(April 17, 2020)—Continuing with the Lower Gila River Ethnographic and Archaeological Project’s (LGREAP) Focus on the Field Crew blog series, this week I introduce Charles Arrow. Charles is a member of the Fort Yuma Quechan Indian Tribe, and though currently living in Yuma, several years ago he spent a few years in Tucson. While there, he befriended someone in the cultural resource management industry, but little did he know that later on he, too, would be involved in cultural resources and heritage matters through LGREAP.
Charles has spent the past seven months documenting archaeological sites along the lower Gila River, but this wasn’t his first stint. He actually started the project at the end of the first field season, in March and April of 2019, which gives him a bit of seniority on the project. Charles learned of the project through his aunt Jerilyn Swift Arrow, a member of the Quechan Cultural Committee.
I met Jerilyn when the Cultural Committee joined several of us from Archaeology Southwest for a site visit to Texas Hill shortly after we added a major portion of this awe-inspiring landform to the organization’s preservation portfolio. Jerilyn and I talked about LGREAP, and she thought it might be something Charles would be interested in.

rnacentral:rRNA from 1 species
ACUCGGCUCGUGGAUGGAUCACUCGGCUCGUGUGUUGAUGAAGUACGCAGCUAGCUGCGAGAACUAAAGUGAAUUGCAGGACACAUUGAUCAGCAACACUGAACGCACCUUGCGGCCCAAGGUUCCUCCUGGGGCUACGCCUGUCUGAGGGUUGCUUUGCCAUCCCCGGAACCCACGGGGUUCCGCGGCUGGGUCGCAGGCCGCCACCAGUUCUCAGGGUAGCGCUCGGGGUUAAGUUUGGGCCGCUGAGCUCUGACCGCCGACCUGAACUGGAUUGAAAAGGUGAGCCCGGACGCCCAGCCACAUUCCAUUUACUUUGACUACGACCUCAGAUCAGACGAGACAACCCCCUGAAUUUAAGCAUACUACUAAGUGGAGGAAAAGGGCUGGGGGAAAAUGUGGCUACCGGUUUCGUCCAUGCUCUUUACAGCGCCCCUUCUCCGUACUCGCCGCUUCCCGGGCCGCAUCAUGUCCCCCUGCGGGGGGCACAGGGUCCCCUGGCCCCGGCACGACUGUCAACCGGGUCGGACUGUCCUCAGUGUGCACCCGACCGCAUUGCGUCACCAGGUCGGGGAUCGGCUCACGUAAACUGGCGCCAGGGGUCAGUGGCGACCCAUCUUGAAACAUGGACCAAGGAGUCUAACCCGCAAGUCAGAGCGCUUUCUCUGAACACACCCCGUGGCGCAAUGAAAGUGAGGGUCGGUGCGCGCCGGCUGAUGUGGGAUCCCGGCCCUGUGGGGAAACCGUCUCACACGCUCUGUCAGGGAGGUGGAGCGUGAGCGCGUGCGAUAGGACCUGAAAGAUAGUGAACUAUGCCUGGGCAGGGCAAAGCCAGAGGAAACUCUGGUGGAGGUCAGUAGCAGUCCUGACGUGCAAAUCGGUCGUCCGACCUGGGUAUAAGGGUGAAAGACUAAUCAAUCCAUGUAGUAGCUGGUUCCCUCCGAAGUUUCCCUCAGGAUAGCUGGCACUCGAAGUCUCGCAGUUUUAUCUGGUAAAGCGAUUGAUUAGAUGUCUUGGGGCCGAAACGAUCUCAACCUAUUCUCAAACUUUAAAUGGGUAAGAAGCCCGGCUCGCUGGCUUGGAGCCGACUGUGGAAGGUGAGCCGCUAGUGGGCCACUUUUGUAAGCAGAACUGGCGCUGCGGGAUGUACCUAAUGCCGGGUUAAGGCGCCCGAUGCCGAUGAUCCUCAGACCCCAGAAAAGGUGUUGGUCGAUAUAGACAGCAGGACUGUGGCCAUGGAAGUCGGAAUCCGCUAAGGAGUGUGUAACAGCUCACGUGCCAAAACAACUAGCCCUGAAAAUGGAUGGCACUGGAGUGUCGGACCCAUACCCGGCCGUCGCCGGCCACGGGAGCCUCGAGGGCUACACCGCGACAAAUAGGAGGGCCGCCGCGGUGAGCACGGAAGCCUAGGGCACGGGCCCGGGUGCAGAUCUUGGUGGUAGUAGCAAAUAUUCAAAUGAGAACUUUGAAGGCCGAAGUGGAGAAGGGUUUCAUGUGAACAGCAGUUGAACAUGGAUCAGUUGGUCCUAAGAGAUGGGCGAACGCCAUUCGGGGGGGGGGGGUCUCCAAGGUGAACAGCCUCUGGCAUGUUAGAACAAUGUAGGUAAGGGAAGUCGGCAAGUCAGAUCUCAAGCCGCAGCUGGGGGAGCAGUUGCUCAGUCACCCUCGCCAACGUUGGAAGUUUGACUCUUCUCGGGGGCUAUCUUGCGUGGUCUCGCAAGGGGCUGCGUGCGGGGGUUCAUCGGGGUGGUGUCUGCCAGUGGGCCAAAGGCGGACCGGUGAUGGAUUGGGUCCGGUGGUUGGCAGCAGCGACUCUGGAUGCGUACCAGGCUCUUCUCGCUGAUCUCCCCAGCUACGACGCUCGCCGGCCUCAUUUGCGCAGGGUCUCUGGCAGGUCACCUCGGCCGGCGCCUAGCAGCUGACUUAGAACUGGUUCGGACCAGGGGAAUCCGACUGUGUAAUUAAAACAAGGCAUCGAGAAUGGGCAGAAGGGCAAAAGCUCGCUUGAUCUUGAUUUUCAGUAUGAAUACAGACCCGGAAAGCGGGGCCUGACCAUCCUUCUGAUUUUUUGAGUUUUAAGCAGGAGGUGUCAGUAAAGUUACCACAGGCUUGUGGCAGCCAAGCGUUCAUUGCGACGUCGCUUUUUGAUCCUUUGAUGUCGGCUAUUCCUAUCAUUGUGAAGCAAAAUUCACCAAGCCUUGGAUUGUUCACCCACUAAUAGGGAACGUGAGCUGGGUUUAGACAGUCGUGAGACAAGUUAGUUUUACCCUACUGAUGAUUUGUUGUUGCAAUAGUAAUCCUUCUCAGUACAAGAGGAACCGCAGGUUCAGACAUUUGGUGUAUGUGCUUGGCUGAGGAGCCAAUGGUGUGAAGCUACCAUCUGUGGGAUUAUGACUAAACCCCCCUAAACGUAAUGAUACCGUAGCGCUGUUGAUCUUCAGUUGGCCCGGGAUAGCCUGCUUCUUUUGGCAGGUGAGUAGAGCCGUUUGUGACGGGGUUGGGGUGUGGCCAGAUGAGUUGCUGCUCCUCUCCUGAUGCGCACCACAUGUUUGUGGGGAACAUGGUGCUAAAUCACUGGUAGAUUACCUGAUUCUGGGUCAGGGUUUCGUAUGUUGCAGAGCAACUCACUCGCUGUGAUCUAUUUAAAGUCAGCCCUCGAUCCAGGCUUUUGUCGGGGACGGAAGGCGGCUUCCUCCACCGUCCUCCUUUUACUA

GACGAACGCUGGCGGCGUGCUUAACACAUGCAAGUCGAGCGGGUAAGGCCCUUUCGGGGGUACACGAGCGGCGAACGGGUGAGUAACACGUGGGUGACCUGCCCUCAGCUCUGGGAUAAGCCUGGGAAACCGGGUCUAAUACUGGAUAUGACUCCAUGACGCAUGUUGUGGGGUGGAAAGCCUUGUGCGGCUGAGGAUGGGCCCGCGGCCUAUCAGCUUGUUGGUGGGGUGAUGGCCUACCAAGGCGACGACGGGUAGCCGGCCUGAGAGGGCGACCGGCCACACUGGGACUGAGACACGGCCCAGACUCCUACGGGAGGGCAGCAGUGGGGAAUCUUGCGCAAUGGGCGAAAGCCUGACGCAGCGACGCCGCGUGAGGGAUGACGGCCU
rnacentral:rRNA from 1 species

Lo and behold, she was right. Charles has been a solid member of the field crew ever since, and someone I’m fortunate to have met. In our interview below, you can get a sense of Charles’s honesty, humility, and cordial demeanor. It’s nice to be in the company of nice people.
Aaron: What is your first memory of archaeology, or artifacts, or anything of that nature?
Charles: My first real experience was with my buddy from Tucson. They would tell me when they got back from work what they were doing and things like that. They were doing a lot of work in Tucson, excavating things.